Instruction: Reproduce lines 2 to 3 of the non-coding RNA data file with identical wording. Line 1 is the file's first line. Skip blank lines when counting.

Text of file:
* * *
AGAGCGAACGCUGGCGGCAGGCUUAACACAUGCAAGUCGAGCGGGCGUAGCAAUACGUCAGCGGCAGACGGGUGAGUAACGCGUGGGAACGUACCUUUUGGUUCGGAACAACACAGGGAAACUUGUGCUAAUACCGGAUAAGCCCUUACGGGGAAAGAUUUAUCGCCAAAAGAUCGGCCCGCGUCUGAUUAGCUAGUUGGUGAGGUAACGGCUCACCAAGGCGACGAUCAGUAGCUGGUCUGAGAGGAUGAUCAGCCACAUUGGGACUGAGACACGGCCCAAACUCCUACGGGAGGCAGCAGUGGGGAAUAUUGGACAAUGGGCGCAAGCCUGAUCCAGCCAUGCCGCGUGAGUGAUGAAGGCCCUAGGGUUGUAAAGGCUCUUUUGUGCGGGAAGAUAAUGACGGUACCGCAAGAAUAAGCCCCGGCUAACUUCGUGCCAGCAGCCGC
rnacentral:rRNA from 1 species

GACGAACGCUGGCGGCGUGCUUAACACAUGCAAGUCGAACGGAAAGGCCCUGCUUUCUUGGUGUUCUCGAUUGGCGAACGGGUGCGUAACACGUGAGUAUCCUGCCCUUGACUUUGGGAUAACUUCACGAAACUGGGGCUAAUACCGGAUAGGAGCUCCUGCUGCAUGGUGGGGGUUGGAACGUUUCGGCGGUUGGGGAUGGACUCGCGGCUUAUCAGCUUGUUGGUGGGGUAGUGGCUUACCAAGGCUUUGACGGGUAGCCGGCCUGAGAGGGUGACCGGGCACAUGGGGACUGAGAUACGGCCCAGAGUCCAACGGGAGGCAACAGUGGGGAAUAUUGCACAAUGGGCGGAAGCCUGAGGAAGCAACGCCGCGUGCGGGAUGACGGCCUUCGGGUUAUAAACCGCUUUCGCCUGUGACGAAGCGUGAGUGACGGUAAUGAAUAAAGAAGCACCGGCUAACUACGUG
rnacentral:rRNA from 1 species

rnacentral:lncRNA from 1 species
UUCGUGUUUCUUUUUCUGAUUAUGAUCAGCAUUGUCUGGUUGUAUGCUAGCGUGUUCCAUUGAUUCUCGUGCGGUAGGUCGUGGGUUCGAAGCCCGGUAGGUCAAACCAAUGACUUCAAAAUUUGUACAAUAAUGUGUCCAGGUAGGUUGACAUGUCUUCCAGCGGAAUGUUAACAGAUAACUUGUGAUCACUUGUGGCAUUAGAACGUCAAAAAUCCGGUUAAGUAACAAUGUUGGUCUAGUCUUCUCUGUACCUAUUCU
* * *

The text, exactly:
rnacentral:rRNA from 1 species

GACGAACGCUGGCGGCGUGCUUAACACAUGCAAGUCGAACGGAAAGGCCCUGCUUUCUUGGUGUUCUCGAUUGGCGAACGGGUGCGUAACACGUGAGUAUCCUGCCCUUGACUUUGGGAUAACUUCACGAAACUGGGGCUAAUACCGGAUAGGAGCUCCUGCUGCAUGGUGGGGGUUGGAACGUUUCGGCGGUUGGGGAUGGACUCGCGGCUUAUCAGCUUGUUGGUGGGGUAGUGGCUUACCAAGGCUUUGACGGGUAGCCGGCCUGAGAGGGUGACCGGGCACAUGGGGACUGAGAUACGGCCCAGAGUCCAACGGGAGGCAACAGUGGGGAAUAUUGCACAAUGGGCGGAAGCCUGAGGAAGCAACGCCGCGUGCGGGAUGACGGCCUUCGGGUUAUAAACCGCUUUCGCCUGUGACGAAGCGUGAGUGACGGUAAUGAAUAAAGAAGCACCGGCUAACUACGUG